GYÖRGY ZSIGMOND

A creator of plant installations, György Zsigmond shares more than a genetic connection with his sibling, Dora. Their upbringing in the village of Alap has always been a shared inspiration in their respective fields. Yet György’s journey to finding his creative outlet in plants was not something he planned. In his creative process, thoughts and ideas accumulate until they take shape – there is no on and off mode.

When it comes to installation, it was graduating as a landscape architect that gave him a different perspective. He started thinking in space with borders and objects that exist organically together to tell a story. And in the middle of that space are plants. “They are always the starting point. I don’t force plants into a form, it is the plant’s nature that determines the composition.” As a collector, György often incorporates old ceramics into his installations. His attraction to old objects lies in the connection they inspire between the item and its viewer. Looking at something from the past, you subconsciously recall fragments of pictures, thoughts, ideas and memories that your mind attributes to it. “When that happens, it is no longer an object.”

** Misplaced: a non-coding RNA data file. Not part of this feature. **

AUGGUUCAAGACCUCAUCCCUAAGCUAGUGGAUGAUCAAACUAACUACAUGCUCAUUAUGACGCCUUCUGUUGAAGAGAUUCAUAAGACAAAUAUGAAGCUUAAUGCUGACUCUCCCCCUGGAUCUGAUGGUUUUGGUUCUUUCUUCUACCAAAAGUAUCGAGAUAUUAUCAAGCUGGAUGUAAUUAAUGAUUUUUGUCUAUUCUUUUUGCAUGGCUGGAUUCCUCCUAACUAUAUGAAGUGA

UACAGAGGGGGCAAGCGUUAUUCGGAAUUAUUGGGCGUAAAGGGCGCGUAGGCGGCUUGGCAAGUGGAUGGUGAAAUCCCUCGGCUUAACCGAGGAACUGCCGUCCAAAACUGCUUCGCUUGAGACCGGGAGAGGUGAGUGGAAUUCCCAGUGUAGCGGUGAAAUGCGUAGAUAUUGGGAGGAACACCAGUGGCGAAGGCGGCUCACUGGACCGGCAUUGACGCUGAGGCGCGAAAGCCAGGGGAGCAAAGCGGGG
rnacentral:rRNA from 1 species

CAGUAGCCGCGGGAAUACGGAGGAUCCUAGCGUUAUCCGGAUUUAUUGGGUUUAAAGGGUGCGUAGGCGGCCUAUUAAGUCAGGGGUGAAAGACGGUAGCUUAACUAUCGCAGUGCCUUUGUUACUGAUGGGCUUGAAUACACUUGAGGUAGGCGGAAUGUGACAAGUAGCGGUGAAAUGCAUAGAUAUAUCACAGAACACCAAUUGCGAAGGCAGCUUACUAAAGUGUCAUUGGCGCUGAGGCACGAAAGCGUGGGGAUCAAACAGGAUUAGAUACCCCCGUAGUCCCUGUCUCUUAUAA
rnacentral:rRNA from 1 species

Over the years, György had a significant influence on Dora’s attitude to garment making. As someone who never compromises on comfort, György acted as a reminder as to how people in real life wear clothes: how they shove their hands into their pockets or how the colour of the lining shows when putting on a jacket. For György, it is the thought behind each item that sets apart designer pieces from mass-produced ones, but the idea is not enough if the quality is not there – it is quality and comfort that will make someone reach for an item time after time.

György chose the REMADE collection’s ORDAS coat made from a generation-old velvet fabric. The same way as his collection of old ceramics, ORDAS coat sets off his imagination. “There’s a story attached to the fabric. I know which village it comes from, in which factory it was made, what kind of people wore it and for what occasions. It makes it more than just a textile.” As befit to his usual black uniform, György wore dark charcoal HARTA pants, a drop crotch design made of thick crepe de chine and finished with gritty, hand painted cuffs.

GUBA scarf, worn by Dora, is a zero-waste piece handcrafted from the brand’s own production waste. Part of the REMADE collection, it is made by old women in a small village in the Hungarian countryside – a reflection on Dora’s dedication to local and ethical production. Over the waxed cotton ZÁDOR pants, Dora wore the loose cut, wool KARTAL cardigan with blanket embroidery and hand painted details.

photo _ Zsófia Bodnár

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